Please Note: This article is written for users of the following Microsoft Excel versions: 2007, 2010, 2013, and 2016. If you are using an earlier version (Excel 2003 or earlier), this tip may not work for you. For a version of this tip written specifically for earlier versions of Excel, click here: Finding the Nth Root of a Number.

# Finding the Nth Root of a Number by Allen Wyatt
(last updated November 9, 2020)

You may be wondering how to use Excel to derive different roots of a number. Finding a square root is easy: you just use the SQRT function. For instance, the following returns the square root of the value in cell B7:

```=SQRT(B7)
```

What about different roots, however? What if you want the fifth root of the value in B7, instead of the square root? Unless you are a math whiz (and I am not), the answer may not be that obvious. All you need to do is raise the value to the power of 1/n. For instance, if you want that fifth root of B7, then you would use the following formula:

```=B7^(1/5)
```

ExcelTips is your source for cost-effective Microsoft Excel training. This tip (12350) applies to Microsoft Excel 2007, 2010, 2013, and 2016. You can find a version of this tip for the older menu interface of Excel here: Finding the Nth Root of a Number.

##### Author Bio

Allen Wyatt

With more than 50 non-fiction books and numerous magazine articles to his credit, Allen Wyatt is an internationally recognized author. He is president of Sharon Parq Associates, a computer and publishing services company. ...

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What is three less than 9?

2020-11-13 06:46:18

Peter Atherton

Ronald Finnerty

https://www.exploringbinary.com/binary-converter/
https://indepth.dev/the-simple-math-behind-decimal-binary-conversion-algorithms

Unfortunately, neither how to get the square root of a binary number. Here are the basics:

(see Figure 1 below)

You can convert a whole number to binary using the DEC2BIN function or by an algorithm shown in Fig1. It also shows how to convert a decimal to binary. Some decimals can not be converted exactly, so we stop when you get a repeated pattern.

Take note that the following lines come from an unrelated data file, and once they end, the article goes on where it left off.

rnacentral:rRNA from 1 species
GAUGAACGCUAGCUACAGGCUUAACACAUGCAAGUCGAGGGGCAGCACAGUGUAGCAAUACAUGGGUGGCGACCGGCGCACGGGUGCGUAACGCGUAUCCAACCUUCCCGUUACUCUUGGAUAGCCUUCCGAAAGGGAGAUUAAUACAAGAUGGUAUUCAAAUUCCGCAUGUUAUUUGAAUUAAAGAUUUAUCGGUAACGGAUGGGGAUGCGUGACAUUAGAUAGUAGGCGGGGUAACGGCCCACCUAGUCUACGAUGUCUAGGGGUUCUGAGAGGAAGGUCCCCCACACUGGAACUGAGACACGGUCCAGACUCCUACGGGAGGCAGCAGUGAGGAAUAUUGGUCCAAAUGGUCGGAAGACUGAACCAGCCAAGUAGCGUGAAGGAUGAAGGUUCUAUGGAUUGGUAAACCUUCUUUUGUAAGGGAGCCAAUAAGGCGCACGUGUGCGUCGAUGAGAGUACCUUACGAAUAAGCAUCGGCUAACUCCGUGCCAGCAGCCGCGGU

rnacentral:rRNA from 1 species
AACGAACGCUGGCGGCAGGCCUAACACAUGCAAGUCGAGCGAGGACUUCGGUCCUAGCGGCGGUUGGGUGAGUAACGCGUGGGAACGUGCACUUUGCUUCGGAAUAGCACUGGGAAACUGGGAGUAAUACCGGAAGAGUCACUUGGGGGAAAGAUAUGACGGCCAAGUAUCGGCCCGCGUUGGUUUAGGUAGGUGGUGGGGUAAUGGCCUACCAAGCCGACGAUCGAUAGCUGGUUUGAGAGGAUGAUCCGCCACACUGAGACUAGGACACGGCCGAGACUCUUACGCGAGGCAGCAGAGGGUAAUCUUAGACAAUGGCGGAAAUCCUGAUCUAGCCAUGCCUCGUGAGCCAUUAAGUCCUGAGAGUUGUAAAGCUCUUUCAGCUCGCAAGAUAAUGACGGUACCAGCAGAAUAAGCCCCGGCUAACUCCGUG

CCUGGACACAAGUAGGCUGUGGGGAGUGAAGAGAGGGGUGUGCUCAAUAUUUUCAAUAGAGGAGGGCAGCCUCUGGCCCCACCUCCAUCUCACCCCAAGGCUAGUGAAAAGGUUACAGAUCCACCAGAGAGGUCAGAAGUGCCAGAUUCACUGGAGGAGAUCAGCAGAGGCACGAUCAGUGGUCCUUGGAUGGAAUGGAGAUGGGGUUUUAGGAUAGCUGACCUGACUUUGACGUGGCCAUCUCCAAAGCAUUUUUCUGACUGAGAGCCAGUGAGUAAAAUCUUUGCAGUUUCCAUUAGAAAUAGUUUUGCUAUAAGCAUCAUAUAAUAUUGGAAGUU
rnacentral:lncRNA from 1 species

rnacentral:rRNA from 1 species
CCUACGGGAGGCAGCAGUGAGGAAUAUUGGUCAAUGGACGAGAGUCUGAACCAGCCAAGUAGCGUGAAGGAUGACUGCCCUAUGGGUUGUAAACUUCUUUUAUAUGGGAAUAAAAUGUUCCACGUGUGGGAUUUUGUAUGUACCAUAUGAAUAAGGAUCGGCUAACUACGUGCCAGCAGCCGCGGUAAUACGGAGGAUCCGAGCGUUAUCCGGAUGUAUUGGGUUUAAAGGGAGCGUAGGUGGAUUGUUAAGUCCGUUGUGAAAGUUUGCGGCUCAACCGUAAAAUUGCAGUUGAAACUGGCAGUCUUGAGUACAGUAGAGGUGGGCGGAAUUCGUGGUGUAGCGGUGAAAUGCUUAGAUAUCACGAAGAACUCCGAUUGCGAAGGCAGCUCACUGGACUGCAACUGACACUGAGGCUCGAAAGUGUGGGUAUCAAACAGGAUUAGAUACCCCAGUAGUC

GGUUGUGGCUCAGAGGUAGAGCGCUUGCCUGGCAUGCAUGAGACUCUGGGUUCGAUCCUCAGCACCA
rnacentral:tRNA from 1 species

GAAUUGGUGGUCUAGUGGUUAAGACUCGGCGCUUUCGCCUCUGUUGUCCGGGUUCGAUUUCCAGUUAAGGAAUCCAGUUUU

For the decimal algorithm, you can use the TEXTJOIN function to get the decimal part from the algorithm.

To get a square root you can use the Babylonian algorithm {fig2), I just used the SQRT function in K2 of 65 to get the integer binary. And used a version of the TEXTJOIN for the decimal part.

(see Figure 2 below)

Of course, you don't need the Babylonian algorithm for the fraction just get it from the decimal SQRT function. Figure 1. Integer & Faction convertsion. Figure 2. Babylonian Fraction Algorithm

2020-11-12 05:47:03

JMJ

I'm afraid there is serious confusion here:

- n^(1/5) gives the fifth root of n
- n^-(5 ) gives the inverse of n^5

By example, if n = 10,
n^2 = 100
n^-2 = 0.01
n^(1/2) = 3.16227766 (this is the square root of 10)

So, using fractional exponents or negatives exponents is COMPLETELY DIFFERENT !

2017-09-25 10:20:04

Ronald Finnerty

this did not answer the finding nth root question. It merely shows how nth root calculation work.
If I have a number and need to find the nth root of base 2 of the number i am no further along with your solution.
i only know the answer is 2^1/n so how do i find n?

2017-06-20 09:22:53

Dennis Costello

Just to be pedantic, I'll point out that Maarten is almost correct. He said:
2^-1 for instance is 0.5 (2/2^1)
2^-3 is 0.125 (2/2^3)
When he meant
2^-1 for instance is 0.5 (1 / 2^1)
2^-3 is 0.125 (1 / 2^3)

2016-06-30 17:20:39

Maarten Daams

You can even use negative exponents.
2^-1 for instance is 0.5 (2/2^1)
2^-3 is 0.125 (2/2^3)
etc.
And so on.
Of course fractional negative exponents work also, but that is more complicated

2016-06-11 06:08:43

Polarisking

The POWER function also works here,

POWER(B7,1/5)

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